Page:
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  • In the U.S., evidence suggests religious attendance reduces the odds of domestic violence. Tweet This
  • ABC-Australia report paints a relentlessly negative view of Christianity's influence on domestic violence. Tweet This

The recent Australian Broadcasting Corporation (ABC) report by Julia Baird and Hayley Gleeson, “'Submit to your husbands': Women told to endure domestic violence in the name of God,” has come under heavy fire in the last few days—and for good reason. It is illogical, unfair and quite possibly inaccurate.

It contends that Christians have a major problem with domestic ­violence and that the church is “enabling and concealing” abuse in marriages across Australia. It offers one harrowing story after another to spotlight failings on the part of Christian husbands, clergy, and church counselors. Baird and Gleeson leave us with no doubt that ordinary believers and clergy around the nation have acted in ways that contravene basic Christian teachings about marital love and public justice. They are to be commended for underlining horrid failures on the part of lay and clerical leaders, as well as churches when it comes to addressing domestic violence.

But in telling these stories, and in underlining their concerns with conservative Christian doctrines regarding male leadership in the home and church, the reporters paint a relentlessly negative picture of the influence that Christianity has on domestic violence. In so doing, they and the ABC fail to treat their subject fairly.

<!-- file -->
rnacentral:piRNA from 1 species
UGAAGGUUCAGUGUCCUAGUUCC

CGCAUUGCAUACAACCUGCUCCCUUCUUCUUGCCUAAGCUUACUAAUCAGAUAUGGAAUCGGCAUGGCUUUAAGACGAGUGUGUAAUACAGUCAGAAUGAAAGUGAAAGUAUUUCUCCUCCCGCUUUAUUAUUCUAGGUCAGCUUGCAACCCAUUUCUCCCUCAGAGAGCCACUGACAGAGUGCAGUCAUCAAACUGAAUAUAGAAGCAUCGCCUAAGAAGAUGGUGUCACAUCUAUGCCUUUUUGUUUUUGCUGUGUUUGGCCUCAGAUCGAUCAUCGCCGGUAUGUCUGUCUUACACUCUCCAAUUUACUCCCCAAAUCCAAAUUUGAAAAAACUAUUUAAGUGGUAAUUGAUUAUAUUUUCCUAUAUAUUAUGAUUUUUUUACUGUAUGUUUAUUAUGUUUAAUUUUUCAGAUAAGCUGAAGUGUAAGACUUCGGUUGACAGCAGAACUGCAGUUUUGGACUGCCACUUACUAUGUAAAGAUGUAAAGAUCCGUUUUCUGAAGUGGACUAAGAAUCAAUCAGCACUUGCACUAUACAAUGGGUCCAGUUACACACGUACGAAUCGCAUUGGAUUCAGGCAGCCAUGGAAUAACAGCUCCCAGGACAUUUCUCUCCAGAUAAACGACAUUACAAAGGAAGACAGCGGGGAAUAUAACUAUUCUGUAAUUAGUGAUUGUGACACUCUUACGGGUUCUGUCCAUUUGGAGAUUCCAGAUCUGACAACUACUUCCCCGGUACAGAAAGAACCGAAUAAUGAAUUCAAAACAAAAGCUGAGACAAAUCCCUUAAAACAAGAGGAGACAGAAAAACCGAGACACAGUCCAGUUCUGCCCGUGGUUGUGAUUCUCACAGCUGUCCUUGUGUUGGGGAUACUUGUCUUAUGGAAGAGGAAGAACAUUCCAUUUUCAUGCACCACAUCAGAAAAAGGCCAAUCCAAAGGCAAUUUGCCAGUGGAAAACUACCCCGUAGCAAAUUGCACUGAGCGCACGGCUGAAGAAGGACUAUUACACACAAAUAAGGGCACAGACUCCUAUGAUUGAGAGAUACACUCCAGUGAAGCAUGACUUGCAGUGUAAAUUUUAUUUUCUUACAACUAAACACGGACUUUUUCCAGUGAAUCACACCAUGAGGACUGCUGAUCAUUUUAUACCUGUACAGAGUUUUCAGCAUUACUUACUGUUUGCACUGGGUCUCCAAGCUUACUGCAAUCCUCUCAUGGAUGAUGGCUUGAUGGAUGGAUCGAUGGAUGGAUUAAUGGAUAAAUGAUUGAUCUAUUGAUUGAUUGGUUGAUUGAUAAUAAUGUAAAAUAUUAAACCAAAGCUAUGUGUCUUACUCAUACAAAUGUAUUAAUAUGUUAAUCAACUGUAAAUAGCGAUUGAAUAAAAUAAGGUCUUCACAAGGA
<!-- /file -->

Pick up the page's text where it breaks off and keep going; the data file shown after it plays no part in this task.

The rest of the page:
On the one hand, the church is charged with “both enabling and concealing (domestic violence).” Indeed, the article is replete with stories of clerics saying or doing stupid, malevolent or negligent things related to abuse. For instance, they report that an Anglican rector, David Ould, said in 2015 that “it might be ‘a godly wise choice’ for women to stay with abusive husbands” given biblical teachings about female submission (he has since recanted).

But it also states: “Research shows that the men most likely to abuse their wives are evangelical Christians who attend church sporadically.” Here, they are draw­ing on my research on religion and American marriages (they neither contacted me nor mentioned me in the story, even though they relied heavily on my empirical findings). They speculate that it’s the kind of men “who are often on the periphery (of church life), in other words, who sometimes float between par­ishes or sit in the back pews,” who are most likely to abuse. That’s not the full story if they are basing this claim on my research. In my study of the nominal evangelical husbands who were most abusive, I found that it was evangelical Protestant men who infrequently or never attended church who were most violent.

Keep reading at The Australian . . . .